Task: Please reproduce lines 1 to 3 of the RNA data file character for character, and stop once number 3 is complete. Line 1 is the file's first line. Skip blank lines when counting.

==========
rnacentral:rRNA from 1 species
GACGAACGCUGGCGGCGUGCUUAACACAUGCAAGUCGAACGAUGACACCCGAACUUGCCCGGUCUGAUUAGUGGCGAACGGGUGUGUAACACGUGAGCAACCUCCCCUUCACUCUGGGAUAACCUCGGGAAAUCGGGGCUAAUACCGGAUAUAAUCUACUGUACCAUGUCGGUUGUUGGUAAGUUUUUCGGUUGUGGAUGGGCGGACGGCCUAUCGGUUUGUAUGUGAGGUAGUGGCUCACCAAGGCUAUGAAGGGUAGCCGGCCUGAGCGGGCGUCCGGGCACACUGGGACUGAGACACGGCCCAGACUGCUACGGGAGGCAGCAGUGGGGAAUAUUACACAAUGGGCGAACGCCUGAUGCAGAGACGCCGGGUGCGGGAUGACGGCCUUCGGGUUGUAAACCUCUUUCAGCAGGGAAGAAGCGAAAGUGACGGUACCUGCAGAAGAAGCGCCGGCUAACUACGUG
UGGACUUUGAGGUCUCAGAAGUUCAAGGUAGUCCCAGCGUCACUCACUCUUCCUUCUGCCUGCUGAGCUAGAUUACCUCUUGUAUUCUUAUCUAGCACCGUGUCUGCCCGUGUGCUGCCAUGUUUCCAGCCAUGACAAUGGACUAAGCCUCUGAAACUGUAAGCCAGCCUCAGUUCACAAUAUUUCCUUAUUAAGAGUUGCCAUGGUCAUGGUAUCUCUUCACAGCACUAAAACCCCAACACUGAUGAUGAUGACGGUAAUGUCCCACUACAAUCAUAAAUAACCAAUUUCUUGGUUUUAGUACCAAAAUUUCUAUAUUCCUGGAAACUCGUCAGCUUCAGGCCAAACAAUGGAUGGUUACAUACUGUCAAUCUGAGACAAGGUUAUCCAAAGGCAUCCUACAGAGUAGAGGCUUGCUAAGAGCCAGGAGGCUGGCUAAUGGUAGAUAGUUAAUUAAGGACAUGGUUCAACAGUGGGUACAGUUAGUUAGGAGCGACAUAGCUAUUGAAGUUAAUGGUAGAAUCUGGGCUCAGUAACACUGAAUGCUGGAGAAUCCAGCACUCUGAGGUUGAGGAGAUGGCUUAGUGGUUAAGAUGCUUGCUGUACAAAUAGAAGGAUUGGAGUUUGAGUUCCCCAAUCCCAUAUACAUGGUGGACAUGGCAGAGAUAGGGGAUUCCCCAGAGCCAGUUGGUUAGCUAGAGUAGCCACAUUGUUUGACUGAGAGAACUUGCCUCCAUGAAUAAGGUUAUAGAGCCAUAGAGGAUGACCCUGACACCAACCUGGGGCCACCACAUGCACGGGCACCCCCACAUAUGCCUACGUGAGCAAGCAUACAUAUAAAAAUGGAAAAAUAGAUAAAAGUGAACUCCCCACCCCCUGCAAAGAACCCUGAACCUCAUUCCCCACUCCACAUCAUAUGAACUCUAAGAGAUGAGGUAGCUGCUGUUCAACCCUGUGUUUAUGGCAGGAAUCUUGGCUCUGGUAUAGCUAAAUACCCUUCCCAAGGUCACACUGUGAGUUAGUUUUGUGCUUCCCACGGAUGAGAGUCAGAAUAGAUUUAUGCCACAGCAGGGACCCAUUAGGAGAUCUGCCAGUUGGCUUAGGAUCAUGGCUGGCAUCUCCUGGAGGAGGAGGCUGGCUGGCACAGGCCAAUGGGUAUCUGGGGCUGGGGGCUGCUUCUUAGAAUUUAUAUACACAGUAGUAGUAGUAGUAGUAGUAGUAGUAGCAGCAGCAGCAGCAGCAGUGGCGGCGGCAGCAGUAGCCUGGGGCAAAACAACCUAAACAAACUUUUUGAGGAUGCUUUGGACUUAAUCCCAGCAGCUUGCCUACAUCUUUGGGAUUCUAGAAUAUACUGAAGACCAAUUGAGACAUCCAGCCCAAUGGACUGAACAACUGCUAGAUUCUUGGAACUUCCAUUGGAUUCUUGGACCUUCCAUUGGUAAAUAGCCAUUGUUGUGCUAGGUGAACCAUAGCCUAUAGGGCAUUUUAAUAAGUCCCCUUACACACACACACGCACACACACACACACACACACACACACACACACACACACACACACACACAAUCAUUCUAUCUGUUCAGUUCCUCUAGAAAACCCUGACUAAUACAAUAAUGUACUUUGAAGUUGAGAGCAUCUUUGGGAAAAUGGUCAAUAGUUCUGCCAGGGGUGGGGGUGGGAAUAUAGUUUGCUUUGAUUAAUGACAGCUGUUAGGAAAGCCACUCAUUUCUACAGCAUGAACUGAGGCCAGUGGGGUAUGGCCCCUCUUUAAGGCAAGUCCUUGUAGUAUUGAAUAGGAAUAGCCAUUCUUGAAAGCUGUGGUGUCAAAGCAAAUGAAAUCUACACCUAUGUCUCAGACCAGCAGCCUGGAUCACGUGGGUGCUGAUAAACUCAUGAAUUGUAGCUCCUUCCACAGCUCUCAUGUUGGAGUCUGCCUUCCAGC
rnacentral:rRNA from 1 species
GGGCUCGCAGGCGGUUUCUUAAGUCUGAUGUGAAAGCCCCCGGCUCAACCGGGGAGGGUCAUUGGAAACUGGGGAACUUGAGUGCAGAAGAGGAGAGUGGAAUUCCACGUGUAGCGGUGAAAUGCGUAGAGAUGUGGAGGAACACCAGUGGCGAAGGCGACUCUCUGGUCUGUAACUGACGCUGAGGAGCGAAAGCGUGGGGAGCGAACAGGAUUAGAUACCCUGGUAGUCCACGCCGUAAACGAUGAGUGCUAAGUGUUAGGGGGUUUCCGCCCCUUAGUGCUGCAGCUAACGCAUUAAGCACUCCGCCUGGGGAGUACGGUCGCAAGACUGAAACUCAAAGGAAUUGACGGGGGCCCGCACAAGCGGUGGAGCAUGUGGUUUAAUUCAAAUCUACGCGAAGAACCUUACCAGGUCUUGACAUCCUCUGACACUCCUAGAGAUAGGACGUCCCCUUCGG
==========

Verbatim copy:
rnacentral:rRNA from 1 species
GACGAACGCUGGCGGCGUGCUUAACACAUGCAAGUCGAACGAUGACACCCGAACUUGCCCGGUCUGAUUAGUGGCGAACGGGUGUGUAACACGUGAGCAACCUCCCCUUCACUCUGGGAUAACCUCGGGAAAUCGGGGCUAAUACCGGAUAUAAUCUACUGUACCAUGUCGGUUGUUGGUAAGUUUUUCGGUUGUGGAUGGGCGGACGGCCUAUCGGUUUGUAUGUGAGGUAGUGGCUCACCAAGGCUAUGAAGGGUAGCCGGCCUGAGCGGGCGUCCGGGCACACUGGGACUGAGACACGGCCCAGACUGCUACGGGAGGCAGCAGUGGGGAAUAUUACACAAUGGGCGAACGCCUGAUGCAGAGACGCCGGGUGCGGGAUGACGGCCUUCGGGUUGUAAACCUCUUUCAGCAGGGAAGAAGCGAAAGUGACGGUACCUGCAGAAGAAGCGCCGGCUAACUACGUG
UGGACUUUGAGGUCUCAGAAGUUCAAGGUAGUCCCAGCGUCACUCACUCUUCCUUCUGCCUGCUGAGCUAGAUUACCUCUUGUAUUCUUAUCUAGCACCGUGUCUGCCCGUGUGCUGCCAUGUUUCCAGCCAUGACAAUGGACUAAGCCUCUGAAACUGUAAGCCAGCCUCAGUUCACAAUAUUUCCUUAUUAAGAGUUGCCAUGGUCAUGGUAUCUCUUCACAGCACUAAAACCCCAACACUGAUGAUGAUGACGGUAAUGUCCCACUACAAUCAUAAAUAACCAAUUUCUUGGUUUUAGUACCAAAAUUUCUAUAUUCCUGGAAACUCGUCAGCUUCAGGCCAAACAAUGGAUGGUUACAUACUGUCAAUCUGAGACAAGGUUAUCCAAAGGCAUCCUACAGAGUAGAGGCUUGCUAAGAGCCAGGAGGCUGGCUAAUGGUAGAUAGUUAAUUAAGGACAUGGUUCAACAGUGGGUACAGUUAGUUAGGAGCGACAUAGCUAUUGAAGUUAAUGGUAGAAUCUGGGCUCAGUAACACUGAAUGCUGGAGAAUCCAGCACUCUGAGGUUGAGGAGAUGGCUUAGUGGUUAAGAUGCUUGCUGUACAAAUAGAAGGAUUGGAGUUUGAGUUCCCCAAUCCCAUAUACAUGGUGGACAUGGCAGAGAUAGGGGAUUCCCCAGAGCCAGUUGGUUAGCUAGAGUAGCCACAUUGUUUGACUGAGAGAACUUGCCUCCAUGAAUAAGGUUAUAGAGCCAUAGAGGAUGACCCUGACACCAACCUGGGGCCACCACAUGCACGGGCACCCCCACAUAUGCCUACGUGAGCAAGCAUACAUAUAAAAAUGGAAAAAUAGAUAAAAGUGAACUCCCCACCCCCUGCAAAGAACCCUGAACCUCAUUCCCCACUCCACAUCAUAUGAACUCUAAGAGAUGAGGUAGCUGCUGUUCAACCCUGUGUUUAUGGCAGGAAUCUUGGCUCUGGUAUAGCUAAAUACCCUUCCCAAGGUCACACUGUGAGUUAGUUUUGUGCUUCCCACGGAUGAGAGUCAGAAUAGAUUUAUGCCACAGCAGGGACCCAUUAGGAGAUCUGCCAGUUGGCUUAGGAUCAUGGCUGGCAUCUCCUGGAGGAGGAGGCUGGCUGGCACAGGCCAAUGGGUAUCUGGGGCUGGGGGCUGCUUCUUAGAAUUUAUAUACACAGUAGUAGUAGUAGUAGUAGUAGUAGUAGCAGCAGCAGCAGCAGCAGUGGCGGCGGCAGCAGUAGCCUGGGGCAAAACAACCUAAACAAACUUUUUGAGGAUGCUUUGGACUUAAUCCCAGCAGCUUGCCUACAUCUUUGGGAUUCUAGAAUAUACUGAAGACCAAUUGAGACAUCCAGCCCAAUGGACUGAACAACUGCUAGAUUCUUGGAACUUCCAUUGGAUUCUUGGACCUUCCAUUGGUAAAUAGCCAUUGUUGUGCUAGGUGAACCAUAGCCUAUAGGGCAUUUUAAUAAGUCCCCUUACACACACACACGCACACACACACACACACACACACACACACACACACACACACACACACACAAUCAUUCUAUCUGUUCAGUUCCUCUAGAAAACCCUGACUAAUACAAUAAUGUACUUUGAAGUUGAGAGCAUCUUUGGGAAAAUGGUCAAUAGUUCUGCCAGGGGUGGGGGUGGGAAUAUAGUUUGCUUUGAUUAAUGACAGCUGUUAGGAAAGCCACUCAUUUCUACAGCAUGAACUGAGGCCAGUGGGGUAUGGCCCCUCUUUAAGGCAAGUCCUUGUAGUAUUGAAUAGGAAUAGCCAUUCUUGAAAGCUGUGGUGUCAAAGCAAAUGAAAUCUACACCUAUGUCUCAGACCAGCAGCCUGGAUCACGUGGGUGCUGAUAAACUCAUGAAUUGUAGCUCCUUCCACAGCUCUCAUGUUGGAGUCUGCCUUCCAGC